ObamaDon’tCare: Socialized Medicine’s Financial Black Holes


by Mytheos Holt

Source The American Spectator

All the spending that’s fit to be lied about.

Nancy Pelosi infamously said of Obamacare that you would have to pass it to find out what was in it. Sadly, House Republicans seem to have trouble finding out even that. Early this month, a House panel found that Andy Slavitt, acting Administrator of the Center for Medicare and Medicaid Studies (CMS), willfully misled Congress on the amount of money spent on Obamacare’s exchanges.

According to the House panel, while Slavitt claimed the federal government had recovered $200 million from failed state exchanges, in actuality, a paltry $21 million is accounted for. That’s only slightly more than ten percent of Slavitt’s own number, which was already dismal when compared with the $4.6 billion that the Feds spent on state exchanges in total.

For anyone remotely familiar with what has been happening in exchanges across the country, the fact that Slavitt lied about this should come as a dismal non-surprise. For even if Republicans can’t get the administration to explain what was in Obamacare after it passed, plenty of Democratic administrations heard Pelosi’s assurance not as “pass the bill so you can find out what’s in it,” but instead “pass the bill so I can find out what’s in it for me.” Even if you set aside the titanic failures of implementation that have plagued Obamacare since its passage, the program’s true legacy appears to be nothing less than pure graft and payola for administrations in safe blue states. “Waste, fraud, and abuse,” to use Donald Trump’s formulation, is truly rampant.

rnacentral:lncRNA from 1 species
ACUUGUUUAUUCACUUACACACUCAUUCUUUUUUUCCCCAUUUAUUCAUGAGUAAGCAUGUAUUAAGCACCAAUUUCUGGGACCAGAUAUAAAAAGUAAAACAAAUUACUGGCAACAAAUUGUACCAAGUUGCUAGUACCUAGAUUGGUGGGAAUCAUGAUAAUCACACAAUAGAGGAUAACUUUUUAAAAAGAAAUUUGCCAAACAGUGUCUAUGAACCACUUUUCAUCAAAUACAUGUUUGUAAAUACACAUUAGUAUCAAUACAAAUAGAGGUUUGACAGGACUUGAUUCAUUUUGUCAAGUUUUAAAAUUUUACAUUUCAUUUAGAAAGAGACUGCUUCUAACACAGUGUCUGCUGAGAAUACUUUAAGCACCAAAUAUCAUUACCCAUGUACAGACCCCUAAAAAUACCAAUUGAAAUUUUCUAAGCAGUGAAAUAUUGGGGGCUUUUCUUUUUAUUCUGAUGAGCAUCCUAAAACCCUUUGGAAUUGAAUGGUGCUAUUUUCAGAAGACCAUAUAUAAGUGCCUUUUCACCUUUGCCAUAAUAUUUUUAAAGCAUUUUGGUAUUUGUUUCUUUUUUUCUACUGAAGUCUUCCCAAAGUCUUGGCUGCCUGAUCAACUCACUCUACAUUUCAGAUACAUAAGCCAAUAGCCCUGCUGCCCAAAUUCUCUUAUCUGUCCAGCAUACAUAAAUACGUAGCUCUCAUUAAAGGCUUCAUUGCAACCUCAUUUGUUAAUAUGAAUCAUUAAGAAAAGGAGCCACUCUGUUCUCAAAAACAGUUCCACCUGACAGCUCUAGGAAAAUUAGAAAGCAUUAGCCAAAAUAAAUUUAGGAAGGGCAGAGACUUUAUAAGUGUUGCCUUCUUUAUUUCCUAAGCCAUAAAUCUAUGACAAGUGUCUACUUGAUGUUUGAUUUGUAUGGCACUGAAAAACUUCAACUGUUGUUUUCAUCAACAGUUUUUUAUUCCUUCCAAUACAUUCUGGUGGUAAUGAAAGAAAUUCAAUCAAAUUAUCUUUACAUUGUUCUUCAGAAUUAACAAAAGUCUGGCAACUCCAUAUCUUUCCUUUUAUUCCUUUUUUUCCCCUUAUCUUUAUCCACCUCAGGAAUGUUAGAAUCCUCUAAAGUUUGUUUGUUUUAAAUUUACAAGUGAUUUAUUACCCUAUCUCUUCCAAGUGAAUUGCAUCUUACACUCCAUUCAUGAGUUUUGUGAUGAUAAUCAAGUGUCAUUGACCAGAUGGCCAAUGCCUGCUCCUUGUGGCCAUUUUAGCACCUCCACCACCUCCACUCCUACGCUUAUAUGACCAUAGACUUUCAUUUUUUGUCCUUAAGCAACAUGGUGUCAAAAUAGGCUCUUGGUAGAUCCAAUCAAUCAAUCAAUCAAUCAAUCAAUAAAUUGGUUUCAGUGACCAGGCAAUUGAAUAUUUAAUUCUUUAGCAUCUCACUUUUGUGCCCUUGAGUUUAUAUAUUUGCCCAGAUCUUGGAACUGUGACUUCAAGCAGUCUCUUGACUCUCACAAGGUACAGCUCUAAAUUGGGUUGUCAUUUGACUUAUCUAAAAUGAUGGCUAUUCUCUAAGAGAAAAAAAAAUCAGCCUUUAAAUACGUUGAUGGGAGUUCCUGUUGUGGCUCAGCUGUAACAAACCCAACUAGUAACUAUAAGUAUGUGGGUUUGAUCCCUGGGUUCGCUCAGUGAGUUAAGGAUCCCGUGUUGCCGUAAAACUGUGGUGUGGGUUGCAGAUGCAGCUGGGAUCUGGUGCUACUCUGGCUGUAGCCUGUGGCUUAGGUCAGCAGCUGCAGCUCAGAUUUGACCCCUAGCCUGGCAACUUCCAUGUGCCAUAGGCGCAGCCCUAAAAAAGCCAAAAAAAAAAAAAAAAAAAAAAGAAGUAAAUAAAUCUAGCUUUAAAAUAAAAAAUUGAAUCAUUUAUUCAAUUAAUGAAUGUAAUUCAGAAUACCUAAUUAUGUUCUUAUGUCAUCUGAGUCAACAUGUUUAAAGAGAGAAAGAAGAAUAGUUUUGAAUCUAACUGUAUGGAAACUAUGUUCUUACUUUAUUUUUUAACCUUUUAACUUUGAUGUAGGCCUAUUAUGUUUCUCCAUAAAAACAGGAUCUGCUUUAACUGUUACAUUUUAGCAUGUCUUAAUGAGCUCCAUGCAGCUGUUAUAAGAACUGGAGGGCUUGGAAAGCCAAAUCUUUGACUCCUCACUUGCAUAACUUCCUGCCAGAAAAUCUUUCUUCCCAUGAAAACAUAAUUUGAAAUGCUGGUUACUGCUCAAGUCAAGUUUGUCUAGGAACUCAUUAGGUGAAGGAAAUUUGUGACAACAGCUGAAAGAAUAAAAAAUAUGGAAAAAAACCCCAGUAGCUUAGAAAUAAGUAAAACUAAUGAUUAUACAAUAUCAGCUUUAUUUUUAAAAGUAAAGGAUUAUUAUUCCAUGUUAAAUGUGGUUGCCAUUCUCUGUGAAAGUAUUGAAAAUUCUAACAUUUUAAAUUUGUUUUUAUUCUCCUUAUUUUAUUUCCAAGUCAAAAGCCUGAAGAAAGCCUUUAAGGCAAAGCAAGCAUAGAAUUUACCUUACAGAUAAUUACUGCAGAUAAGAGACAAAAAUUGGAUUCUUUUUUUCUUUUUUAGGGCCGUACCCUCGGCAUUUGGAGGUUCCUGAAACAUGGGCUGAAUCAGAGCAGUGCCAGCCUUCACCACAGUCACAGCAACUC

Even before Slavitt’s extravagantly embarrassing lie, the news coming out of the Obamacare was well on its way to proving this. First came a report in early March by the National Center for Policy Analysis revealing utter failure by the Obamacare exchanges to detect fraud. It seems the Government Accountability Analysis (GAO) attempted to test fraud detection in the exchange sign-up systems both online and over the phone, and of the twelve fraudulent applications for subsidized care that they submitted, eleven were accepted. That works out to a failure rate of 92 percent. In other words, you have a better chance of being accepted to most Ivy League schools than of being denied a subsidy by Obamacare, no matter how dishonest your claim.

And no, your state exchange doesn’t even necessarily have to work for this kind of fraud to happen. According to an analysis by Alexander Hendrie of the Washington Times that arrived in April, while the government has spent $5.5 billion on state exchanges, the vast majority of that money hasn’t even gone to states with state exchanges that even work. Instead, money has been poured into failed state exchanges in Oregon, Vermont, Minnesota, Hawaii, Maryland, Massachusetts, Nevada, and New Mexico, with no apparent interest in those states’ capacity to put it to use.

Anyone even remotely familiar with the hilarity-inducing boondoggles that passed for “exchanges” in Oregon and Maryland will realize how disgraceful this is, even as an accidental fact. But what is worse is that the government does not seem remotely interested in recovering its own wasted money. Slavitt himself was only able to offer a tepid assurance to Congress that the government would “recover its fair portion” of the funds when asked about this. Which, given what we know now, is probably only about ten percent of what the actual “fair portion” is!

Of course, not to diminish Congress’s willingness to call out Slavitt’s deceit, which deserves as many “attaboys” as taxpayers can muster, but more needs to be done from here. For one, Rep. Rick Allen (R-GA) has a bill designed to protect taxpayers from the predation of failed exchanges, which should probably end up on the House docket. Moreover, now that the lies of Slavitt, and the government’s own indifference to fraud, have been revealed, the House should not hesitate to hold the Obama administration’s feet to the fire until it can get real answers. For $5.5 billion, it’s the least we deserve.

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